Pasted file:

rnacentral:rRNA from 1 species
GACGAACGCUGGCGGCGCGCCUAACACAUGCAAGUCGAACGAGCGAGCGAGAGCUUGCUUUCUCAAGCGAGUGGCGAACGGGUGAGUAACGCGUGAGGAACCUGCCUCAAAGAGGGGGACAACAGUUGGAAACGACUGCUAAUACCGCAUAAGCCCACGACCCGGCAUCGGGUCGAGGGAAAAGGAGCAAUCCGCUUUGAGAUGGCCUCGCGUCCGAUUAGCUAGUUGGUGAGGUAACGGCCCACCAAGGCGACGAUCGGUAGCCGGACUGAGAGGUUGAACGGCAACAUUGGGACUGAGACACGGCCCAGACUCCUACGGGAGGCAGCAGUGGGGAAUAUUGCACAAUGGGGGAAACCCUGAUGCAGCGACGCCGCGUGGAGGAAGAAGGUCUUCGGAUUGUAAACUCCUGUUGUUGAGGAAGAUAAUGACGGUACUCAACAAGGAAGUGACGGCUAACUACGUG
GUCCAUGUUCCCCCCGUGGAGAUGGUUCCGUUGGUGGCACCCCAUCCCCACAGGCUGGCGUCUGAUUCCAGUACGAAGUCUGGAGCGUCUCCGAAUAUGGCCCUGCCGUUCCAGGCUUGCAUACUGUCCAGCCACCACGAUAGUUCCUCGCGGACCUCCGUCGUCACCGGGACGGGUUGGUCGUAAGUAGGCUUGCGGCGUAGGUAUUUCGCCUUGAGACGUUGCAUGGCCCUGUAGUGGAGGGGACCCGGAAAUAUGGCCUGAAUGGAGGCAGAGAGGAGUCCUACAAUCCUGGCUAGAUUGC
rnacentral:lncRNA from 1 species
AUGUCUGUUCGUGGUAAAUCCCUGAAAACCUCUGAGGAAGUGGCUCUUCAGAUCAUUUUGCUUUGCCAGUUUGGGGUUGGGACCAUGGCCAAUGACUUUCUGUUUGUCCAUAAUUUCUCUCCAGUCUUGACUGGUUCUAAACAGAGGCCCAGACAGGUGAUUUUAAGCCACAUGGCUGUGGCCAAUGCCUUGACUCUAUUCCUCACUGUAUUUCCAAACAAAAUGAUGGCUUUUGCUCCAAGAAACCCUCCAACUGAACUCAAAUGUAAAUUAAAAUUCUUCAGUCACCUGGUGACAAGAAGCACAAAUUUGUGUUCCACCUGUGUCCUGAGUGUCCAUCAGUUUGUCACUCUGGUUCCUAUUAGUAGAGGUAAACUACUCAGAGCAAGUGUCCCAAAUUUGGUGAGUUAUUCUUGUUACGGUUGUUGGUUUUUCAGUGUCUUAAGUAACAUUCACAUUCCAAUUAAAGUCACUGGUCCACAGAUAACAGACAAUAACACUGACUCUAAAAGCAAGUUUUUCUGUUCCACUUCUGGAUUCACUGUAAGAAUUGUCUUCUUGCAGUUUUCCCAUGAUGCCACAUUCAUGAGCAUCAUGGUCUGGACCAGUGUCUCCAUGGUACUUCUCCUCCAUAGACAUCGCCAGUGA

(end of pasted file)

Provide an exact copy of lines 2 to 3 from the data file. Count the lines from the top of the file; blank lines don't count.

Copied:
GACGAACGCUGGCGGCGCGCCUAACACAUGCAAGUCGAACGAGCGAGCGAGAGCUUGCUUUCUCAAGCGAGUGGCGAACGGGUGAGUAACGCGUGAGGAACCUGCCUCAAAGAGGGGGACAACAGUUGGAAACGACUGCUAAUACCGCAUAAGCCCACGACCCGGCAUCGGGUCGAGGGAAAAGGAGCAAUCCGCUUUGAGAUGGCCUCGCGUCCGAUUAGCUAGUUGGUGAGGUAACGGCCCACCAAGGCGACGAUCGGUAGCCGGACUGAGAGGUUGAACGGCAACAUUGGGACUGAGACACGGCCCAGACUCCUACGGGAGGCAGCAGUGGGGAAUAUUGCACAAUGGGGGAAACCCUGAUGCAGCGACGCCGCGUGGAGGAAGAAGGUCUUCGGAUUGUAAACUCCUGUUGUUGAGGAAGAUAAUGACGGUACUCAACAAGGAAGUGACGGCUAACUACGUG
GUCCAUGUUCCCCCCGUGGAGAUGGUUCCGUUGGUGGCACCCCAUCCCCACAGGCUGGCGUCUGAUUCCAGUACGAAGUCUGGAGCGUCUCCGAAUAUGGCCCUGCCGUUCCAGGCUUGCAUACUGUCCAGCCACCACGAUAGUUCCUCGCGGACCUCCGUCGUCACCGGGACGGGUUGGUCGUAAGUAGGCUUGCGGCGUAGGUAUUUCGCCUUGAGACGUUGCAUGGCCCUGUAGUGGAGGGGACCCGGAAAUAUGGCCUGAAUGGAGGCAGAGAGGAGUCCUACAAUCCUGGCUAGAUUGC